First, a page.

Petsitting Pooches and Puppies

Once again (for the third time!) before arriving at our housesit, we were asked if we would mind if there was an extra pet to care for. We had met Jill while housesitting just up the road a couple of months before and been introduced to her lovely laid-back ladies, Maggie and Canela. Now Jill had a new puppy, Dora, found a couple of weeks earlier while out walking.

Dora was probably about 4 months old, had a broken paw, was crying and very hungry (bony, not quite skeletal) and covered in ticks when Jill found her and took her in. (She was continuing to care for Dora until her vaccinations were completed and she got her “pet passport” before being rehomed through a rehoming programme.) Jill told us that Dora would be fine with us as long as we fed her. We are fine with additional pets, it’s becoming a bit of a theme recently! And Dora was a lovely girl, so enthusiastic for her food! And, having been taken under Maggie’s wing, was learning about walking off-lead and coming when asked. Being so young, she had a lot of manners to learn – like not jumping up on or play-biting people, and definitely not getting your nose onto the dinner table at mealtimes.

Our time here was a welcome respite from the travelling we had been doing and relaxing to not have to go out other than for fresh bread and coffee. Being close to our previous sit, we now knew all the good spots to shop and enjoy coffee and Chris was cycling on familiar roads. We also caught up with our previous hosts over a fantastic meal, we love meeting new friends. Caring for Maggie and Canela and the cats would have been so easy, so it was nice to have Dora added to the mix, and she was such a loving dog … when she wasn’t making mischief!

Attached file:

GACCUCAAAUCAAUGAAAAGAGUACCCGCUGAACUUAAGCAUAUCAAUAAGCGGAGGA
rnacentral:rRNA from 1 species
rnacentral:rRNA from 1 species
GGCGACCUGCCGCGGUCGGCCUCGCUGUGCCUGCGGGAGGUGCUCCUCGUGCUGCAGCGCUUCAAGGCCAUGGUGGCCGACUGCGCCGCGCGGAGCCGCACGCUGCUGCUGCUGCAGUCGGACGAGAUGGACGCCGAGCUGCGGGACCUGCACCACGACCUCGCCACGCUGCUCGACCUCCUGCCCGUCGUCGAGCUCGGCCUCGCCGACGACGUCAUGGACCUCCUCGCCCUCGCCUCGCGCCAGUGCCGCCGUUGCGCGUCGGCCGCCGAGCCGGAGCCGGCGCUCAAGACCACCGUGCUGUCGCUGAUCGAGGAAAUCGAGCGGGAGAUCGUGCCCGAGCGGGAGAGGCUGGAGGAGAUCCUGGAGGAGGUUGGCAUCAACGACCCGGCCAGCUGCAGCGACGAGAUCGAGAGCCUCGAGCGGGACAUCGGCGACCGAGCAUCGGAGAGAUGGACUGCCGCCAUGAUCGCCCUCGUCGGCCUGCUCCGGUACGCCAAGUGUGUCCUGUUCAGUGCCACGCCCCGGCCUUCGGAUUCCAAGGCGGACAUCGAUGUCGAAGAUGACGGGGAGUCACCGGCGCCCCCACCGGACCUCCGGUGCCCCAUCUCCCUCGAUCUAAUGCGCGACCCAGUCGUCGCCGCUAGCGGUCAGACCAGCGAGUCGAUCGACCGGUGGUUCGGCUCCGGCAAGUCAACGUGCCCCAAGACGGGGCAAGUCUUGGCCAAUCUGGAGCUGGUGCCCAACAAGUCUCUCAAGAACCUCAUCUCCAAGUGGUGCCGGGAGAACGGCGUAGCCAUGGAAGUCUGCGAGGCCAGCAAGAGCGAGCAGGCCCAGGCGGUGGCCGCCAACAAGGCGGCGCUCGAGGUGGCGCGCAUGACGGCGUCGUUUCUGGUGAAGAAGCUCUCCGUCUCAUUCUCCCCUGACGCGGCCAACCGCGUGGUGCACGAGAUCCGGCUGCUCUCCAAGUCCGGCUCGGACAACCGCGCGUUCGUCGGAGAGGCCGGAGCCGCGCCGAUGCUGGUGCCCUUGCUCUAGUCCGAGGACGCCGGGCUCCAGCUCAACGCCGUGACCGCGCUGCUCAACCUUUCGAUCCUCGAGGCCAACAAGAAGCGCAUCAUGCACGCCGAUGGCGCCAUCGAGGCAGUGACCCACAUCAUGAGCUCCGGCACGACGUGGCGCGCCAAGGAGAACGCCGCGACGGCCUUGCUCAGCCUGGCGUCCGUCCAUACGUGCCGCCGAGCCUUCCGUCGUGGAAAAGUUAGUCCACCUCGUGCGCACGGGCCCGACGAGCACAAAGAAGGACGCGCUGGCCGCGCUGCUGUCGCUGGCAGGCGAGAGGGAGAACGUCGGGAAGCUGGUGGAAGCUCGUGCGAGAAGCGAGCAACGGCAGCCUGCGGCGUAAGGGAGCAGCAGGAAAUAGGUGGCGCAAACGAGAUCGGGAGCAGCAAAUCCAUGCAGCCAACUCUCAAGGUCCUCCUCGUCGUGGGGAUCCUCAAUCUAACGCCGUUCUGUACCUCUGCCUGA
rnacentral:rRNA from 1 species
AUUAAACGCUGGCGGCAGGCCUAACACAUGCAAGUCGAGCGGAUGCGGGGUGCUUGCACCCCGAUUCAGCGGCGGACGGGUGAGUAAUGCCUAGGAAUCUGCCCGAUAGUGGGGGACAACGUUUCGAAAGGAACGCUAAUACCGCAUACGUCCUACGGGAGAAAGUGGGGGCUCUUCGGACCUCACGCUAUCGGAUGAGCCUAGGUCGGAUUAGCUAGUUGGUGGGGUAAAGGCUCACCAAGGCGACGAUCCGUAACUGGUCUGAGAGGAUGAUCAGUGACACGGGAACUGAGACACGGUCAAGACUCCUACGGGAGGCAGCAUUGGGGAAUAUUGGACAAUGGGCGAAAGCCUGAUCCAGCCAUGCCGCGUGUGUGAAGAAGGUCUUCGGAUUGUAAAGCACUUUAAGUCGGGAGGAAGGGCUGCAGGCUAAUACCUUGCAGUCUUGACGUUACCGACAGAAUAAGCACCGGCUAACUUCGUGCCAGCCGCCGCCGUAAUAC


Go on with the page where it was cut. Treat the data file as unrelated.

One day we made a return visit to Mijas, a lovely white village about 20 minutes away. It was lovely to wander the streets, although we started out competing with around 10 busloads of tourists, until after lunch when they moved on. After our trip around the north of Spain, we felt that we liked the south better, especially with these white hilltop villages that have character and history in a different way to the north.

The weather changed and we endured lightning and thunder directly overhead through the night and torrential downpours. Luckily we were out in the countryside and away from the village of Alhaurin el Grande, where the steep streets turned into rivers. Negotiating the roads the next day meant having to avoid mud and gravel washed over the road. Chris needed to be careful when out cycling as the mud was extremely slippery and treacherous. The dogs didn’t care about the puddles, in fact, they loved wading through… but it made for smelly and wet returns in the car home. Once the weather dried out, we made sure they all got bathed, but for Dora, it wasn’t her favourite thing.

Each day everyone was loaded into the car to be taken up to a semi rural area where we could do about a 45 minute walk off lead. They loved this part of the day and, one day, were so keen to go again, when we opened up the car doors to retrieve our groceries, all three jumped in thinking it was their turn now. Canela took the drivers’ seat and Maggie and Dora sat in the back, it took some coaxing to get them out again.

All too soon it was time to say goodbye, we really enjoyed this interlude with these lovely girls. It turns out Dora will be moving to her new home in the Netherlands, having been adopted by a family there who will take her out on long walks and, hopefully, she will continue learning manners and mature into the lovely dog she shows promise of being.


    • Yes, we originally thought we would limit our dogs in a sit to two, but we’ve found that the dogs we have had are well behaved and are able to walk off-lead in a suitably “remote” area, so we have had no issues. Maybe we have struck it lucky, but the two times we have had three dogs hasn’t been stressful. It adds a bit of “adventure”!

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